Over the years, many archeologists and other researchers speculated about the origin and meaning of the stones assembled at Stonehenge. Researchers now claim that the original location of the rocks erected at the site was over 100 miles away.
If this is accurate, it means that an ancient civilization carried the rocks an extraordinarily lengthy distance to Stonehenge. But why would those who erected the monument choose rocks from so far away?
Researchers in the United Kingdom have finally solved a major piece of Stonehenge’s enduring mystery: the place of origin for some of the ancient structure’s most-famous rock formations.
The National Museum Wales and Leicester University have identified the source as Craig Rhos-y-felin, located more than 100 miles from the Stonehenge site. But this discovery, of course, just opens on to another mystery–namely, just how and why an ancient culture carved and transported the giant stones over such a great distance.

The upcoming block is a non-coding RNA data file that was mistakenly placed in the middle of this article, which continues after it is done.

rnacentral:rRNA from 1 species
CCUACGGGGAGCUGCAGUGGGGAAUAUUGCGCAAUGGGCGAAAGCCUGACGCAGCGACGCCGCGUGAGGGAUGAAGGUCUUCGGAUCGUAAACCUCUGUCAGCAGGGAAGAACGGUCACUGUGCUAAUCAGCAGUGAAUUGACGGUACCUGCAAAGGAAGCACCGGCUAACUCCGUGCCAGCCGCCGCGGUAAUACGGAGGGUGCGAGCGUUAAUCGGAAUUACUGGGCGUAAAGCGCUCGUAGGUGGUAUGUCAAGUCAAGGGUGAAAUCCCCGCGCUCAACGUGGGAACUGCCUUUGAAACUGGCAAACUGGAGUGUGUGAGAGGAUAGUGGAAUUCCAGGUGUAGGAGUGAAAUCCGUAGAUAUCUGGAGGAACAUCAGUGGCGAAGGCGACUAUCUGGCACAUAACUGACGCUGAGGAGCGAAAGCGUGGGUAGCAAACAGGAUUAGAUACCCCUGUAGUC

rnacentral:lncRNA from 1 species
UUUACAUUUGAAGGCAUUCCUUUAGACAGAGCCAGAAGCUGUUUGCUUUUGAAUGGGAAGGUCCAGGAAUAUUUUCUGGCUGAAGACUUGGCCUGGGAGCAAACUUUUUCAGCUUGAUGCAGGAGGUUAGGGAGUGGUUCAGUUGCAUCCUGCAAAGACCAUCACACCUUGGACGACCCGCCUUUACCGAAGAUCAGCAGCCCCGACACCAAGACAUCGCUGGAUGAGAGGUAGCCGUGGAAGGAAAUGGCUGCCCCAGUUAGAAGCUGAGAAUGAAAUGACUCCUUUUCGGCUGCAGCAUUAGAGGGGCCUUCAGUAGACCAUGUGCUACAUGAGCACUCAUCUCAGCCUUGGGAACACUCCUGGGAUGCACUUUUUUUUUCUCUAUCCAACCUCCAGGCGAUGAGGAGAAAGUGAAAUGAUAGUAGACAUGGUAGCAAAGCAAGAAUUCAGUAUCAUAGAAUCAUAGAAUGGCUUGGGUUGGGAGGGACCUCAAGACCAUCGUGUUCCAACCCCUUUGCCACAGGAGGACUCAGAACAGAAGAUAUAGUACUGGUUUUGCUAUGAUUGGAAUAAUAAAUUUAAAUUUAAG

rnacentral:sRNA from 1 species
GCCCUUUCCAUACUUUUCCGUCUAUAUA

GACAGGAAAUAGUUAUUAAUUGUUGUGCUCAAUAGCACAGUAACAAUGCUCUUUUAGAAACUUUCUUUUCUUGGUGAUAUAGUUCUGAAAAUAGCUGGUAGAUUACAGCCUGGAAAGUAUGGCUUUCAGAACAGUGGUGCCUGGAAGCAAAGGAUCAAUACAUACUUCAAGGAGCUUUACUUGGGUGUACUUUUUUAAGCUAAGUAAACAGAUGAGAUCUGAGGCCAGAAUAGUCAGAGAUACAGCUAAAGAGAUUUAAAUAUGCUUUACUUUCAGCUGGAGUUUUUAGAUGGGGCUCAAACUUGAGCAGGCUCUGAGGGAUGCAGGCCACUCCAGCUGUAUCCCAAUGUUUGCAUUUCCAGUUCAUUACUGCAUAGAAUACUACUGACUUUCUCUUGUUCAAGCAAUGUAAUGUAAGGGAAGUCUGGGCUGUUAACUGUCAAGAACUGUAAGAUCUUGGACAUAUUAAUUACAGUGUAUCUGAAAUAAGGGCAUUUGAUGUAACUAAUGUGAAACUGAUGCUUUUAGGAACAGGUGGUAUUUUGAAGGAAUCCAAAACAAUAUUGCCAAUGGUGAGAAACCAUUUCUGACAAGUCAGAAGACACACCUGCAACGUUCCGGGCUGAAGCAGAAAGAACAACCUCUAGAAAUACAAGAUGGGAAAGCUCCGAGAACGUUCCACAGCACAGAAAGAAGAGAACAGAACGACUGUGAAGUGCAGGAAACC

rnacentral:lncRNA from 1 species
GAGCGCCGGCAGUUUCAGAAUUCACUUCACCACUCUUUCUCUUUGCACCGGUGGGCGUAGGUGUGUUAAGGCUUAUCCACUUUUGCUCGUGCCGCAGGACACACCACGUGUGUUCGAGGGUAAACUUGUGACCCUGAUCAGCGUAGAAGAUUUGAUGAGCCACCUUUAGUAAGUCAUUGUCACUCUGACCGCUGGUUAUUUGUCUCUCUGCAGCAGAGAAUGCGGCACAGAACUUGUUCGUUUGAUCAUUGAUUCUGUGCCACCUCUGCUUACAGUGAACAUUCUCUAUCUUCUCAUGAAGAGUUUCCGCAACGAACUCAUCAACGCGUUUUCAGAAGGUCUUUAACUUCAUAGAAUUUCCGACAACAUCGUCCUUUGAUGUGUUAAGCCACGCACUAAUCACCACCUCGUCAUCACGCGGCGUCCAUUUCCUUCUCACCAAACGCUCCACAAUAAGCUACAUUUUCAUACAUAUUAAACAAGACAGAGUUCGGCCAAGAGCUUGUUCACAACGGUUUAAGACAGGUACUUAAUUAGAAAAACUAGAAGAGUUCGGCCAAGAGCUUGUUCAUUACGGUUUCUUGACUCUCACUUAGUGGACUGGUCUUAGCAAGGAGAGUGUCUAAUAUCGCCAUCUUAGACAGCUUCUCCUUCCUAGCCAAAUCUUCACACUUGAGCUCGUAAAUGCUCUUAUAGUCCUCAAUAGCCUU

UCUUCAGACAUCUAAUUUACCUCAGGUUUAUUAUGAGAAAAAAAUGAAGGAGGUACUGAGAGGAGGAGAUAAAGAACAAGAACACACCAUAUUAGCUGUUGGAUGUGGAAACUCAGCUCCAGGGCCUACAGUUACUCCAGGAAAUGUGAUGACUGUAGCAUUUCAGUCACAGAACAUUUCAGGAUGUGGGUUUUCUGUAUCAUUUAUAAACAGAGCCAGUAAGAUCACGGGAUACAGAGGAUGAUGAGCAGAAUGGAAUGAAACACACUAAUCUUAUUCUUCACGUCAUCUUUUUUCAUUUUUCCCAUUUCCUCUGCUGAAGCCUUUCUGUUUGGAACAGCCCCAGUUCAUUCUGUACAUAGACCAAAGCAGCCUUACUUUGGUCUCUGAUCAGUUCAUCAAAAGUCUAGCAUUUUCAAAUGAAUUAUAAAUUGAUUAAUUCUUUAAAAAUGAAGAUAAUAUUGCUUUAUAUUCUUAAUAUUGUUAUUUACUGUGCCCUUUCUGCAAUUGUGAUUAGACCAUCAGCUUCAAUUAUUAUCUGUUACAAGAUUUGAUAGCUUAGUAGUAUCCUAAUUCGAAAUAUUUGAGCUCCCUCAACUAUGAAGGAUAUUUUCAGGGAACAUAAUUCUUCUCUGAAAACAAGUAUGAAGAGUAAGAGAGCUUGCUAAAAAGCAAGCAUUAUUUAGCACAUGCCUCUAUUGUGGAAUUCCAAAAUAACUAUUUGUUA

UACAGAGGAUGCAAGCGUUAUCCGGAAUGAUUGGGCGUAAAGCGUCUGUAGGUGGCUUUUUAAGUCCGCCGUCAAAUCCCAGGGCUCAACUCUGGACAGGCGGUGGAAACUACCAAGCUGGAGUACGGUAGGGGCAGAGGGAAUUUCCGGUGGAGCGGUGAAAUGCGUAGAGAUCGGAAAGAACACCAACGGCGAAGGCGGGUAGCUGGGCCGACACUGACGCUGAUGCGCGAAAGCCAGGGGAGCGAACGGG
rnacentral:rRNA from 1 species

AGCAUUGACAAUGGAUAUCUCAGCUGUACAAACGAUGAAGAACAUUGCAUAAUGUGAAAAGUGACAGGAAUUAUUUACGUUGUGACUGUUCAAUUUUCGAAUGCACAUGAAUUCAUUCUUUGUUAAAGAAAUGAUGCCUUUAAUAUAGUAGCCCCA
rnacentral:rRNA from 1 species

“Being able to provenance any archaeologically significant rock so precisely is remarkable,” Dr. Rob Ixer of Leicester University told the BBC. “However, given continued perseverance, we are determined that we shall uncover the origins of most, if not all of the Stonehenge bluestones so allowing archaeologists to continue their speculations well into a third century.”
This past year has offered a wealth of new research and discoveries at the Stonehenge site, including last month’s announcement that the worshipers at the ancient monument had erected “sun worship” sites there. Source: Origin of Stonehenge rocks discovered